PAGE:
With 160 coronavirus vaccine candidates under development around the world, it’s not surprising that we would get reports on three successful, if very early, trials today.
I’m going to be taking a few days off–from Monday through Thursday of next week–to chill in a cabin in the woods and social distance with a moose or two.
The Senate left Washington yesterday without putting its plan for the next coronavirus aid package on the table. That guarantees, in case you had any doubt, that the enhanced $600 a week unemployment benefit that, for practical purposes, expires with today’s payment, will lapse without any action. About 20 million unemployed workers received the enhanced federal benefit.The problems with getting some legislation out of Republican Majority Leader Mitch McConnell’s pocket were at least two fold.
Let’s see. The Senate went home for the weekend without passing an extension to the $600 a week in enhanced unemployment benefits–so that program will pay out its last checks tomorrow. China retaliated for U.S. action to close China’s Houston consulate on accusations of espionage by ordering the closing of the U.S consulate in Chengdu. The coronavirus surge in the United States showed no signs of abating and more states issued orders restricting business openings. Economists studying indicators such as credit card spending and restaurant orders reported that they see signs that the economic recovery has at least stalled or, even worse, is in danger of turning into a double-dip recession. Despite all that at the close today the Standard & Poor’s 500 was down only 0.62%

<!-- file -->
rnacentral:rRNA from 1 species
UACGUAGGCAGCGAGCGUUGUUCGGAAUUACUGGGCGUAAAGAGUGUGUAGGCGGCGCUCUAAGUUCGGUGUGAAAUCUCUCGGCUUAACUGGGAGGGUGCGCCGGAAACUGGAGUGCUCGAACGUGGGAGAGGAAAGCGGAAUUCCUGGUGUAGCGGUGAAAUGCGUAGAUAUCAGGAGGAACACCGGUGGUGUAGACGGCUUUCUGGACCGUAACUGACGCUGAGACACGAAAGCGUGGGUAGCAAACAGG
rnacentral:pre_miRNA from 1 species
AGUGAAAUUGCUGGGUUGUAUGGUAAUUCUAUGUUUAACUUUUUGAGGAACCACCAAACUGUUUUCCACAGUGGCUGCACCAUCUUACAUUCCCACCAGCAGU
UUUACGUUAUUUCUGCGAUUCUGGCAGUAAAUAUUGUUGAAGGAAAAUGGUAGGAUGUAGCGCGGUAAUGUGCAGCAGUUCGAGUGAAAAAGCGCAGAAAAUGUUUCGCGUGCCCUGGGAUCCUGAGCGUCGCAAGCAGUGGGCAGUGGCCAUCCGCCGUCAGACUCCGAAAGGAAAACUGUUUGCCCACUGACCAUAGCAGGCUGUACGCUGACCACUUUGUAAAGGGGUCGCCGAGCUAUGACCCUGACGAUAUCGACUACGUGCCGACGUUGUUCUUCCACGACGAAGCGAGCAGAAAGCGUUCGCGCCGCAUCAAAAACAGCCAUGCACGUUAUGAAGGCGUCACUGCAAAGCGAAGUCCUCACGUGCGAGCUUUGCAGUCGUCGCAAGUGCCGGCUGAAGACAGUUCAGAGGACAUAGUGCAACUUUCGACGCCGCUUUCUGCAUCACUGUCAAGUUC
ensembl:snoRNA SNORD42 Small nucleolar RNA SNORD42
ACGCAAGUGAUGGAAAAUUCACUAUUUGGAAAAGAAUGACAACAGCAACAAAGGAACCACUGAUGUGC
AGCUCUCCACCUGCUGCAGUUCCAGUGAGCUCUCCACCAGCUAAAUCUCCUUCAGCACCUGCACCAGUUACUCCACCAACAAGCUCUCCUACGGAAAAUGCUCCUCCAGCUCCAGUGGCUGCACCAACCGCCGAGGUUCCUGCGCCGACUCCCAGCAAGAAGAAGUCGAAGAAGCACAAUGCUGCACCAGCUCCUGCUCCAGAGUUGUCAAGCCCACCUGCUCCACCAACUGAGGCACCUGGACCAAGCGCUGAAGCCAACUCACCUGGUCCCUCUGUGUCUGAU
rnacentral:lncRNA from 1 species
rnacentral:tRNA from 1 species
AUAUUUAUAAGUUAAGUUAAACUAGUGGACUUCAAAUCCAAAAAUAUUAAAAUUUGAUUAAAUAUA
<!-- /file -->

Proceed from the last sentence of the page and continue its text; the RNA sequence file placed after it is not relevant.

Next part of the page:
Quickly, some of the Trump administration’s lines in the sand for the next coronavirus rescue package get washed away
You remember those lines in sand that the Trump White House declared before it began talks with the leaders of the Republican-controlled Senate? Well, a number of them have already vanished, washed out of existence by the fears of Republican Senators that the White House positions will make their already tough electoral task this November even tougher. So far…
Shares of Microsoft (MSFT) were down 4.35% as of the close today in spite of the company’s strong beat of Wall Street projections for the company’s fiscal fourth quarter that ended on June 30. The company reported earnings of $1.46 a share, versus Wall Street projections of $1.38 a share, and saw revenue of $38 billion for the June period, versus the consensus expectation of $36.6 billion in sales. Year over year Microsoft earnings grew by 7% and sales climbed by 13%. That was the slowest earnings growth in eight quarters and comes at a pivotal moment for Microsoft shares. The stock was up 34.92% for 2020 to date as of July 22 close and up 22.33% for the last three months. That has driven the forward price to earnings ratio on projected earnings to 33.67. This isn’t a good time for the company to raise doubts about its future growth rate.
Today the Labor Department reported that new claims for unemployment through regular state programs rose to 1.42 million in the week ended July 18. That was a 109,000 increase from the prior week and the first increase in the weekly total since March. Economists surveyed by Bloomberg had predicted an increase of 1.3 million new claims.